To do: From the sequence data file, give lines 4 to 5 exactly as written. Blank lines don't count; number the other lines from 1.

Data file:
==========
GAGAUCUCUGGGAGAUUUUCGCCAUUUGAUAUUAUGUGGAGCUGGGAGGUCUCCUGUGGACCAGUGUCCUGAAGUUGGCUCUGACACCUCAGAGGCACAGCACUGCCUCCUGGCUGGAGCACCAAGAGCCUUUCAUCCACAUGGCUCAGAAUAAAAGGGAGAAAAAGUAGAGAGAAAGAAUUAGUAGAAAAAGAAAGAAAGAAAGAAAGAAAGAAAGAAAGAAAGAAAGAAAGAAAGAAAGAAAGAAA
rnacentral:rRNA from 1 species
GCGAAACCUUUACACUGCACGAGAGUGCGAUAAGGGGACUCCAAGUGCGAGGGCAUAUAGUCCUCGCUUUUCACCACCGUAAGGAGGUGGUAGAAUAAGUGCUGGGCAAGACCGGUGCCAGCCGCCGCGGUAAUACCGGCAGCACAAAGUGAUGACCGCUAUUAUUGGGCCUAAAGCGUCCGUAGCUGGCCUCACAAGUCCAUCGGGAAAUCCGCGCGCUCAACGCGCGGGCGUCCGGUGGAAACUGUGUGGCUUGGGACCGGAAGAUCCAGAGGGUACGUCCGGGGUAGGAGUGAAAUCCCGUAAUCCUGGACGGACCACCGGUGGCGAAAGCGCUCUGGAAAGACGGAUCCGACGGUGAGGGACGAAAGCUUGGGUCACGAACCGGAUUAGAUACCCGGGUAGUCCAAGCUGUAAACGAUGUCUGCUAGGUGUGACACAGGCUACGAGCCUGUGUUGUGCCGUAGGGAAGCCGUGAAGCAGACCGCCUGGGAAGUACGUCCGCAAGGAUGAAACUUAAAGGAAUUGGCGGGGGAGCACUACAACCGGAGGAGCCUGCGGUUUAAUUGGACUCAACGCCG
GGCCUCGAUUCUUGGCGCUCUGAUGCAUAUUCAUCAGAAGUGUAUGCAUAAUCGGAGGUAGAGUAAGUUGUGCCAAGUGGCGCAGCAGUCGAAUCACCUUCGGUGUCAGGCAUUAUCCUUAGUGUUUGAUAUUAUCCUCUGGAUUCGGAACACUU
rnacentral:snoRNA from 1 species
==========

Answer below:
GGCCUCGAUUCUUGGCGCUCUGAUGCAUAUUCAUCAGAAGUGUAUGCAUAAUCGGAGGUAGAGUAAGUUGUGCCAAGUGGCGCAGCAGUCGAAUCACCUUCGGUGUCAGGCAUUAUCCUUAGUGUUUGAUAUUAUCCUCUGGAUUCGGAACACUU
rnacentral:snoRNA from 1 species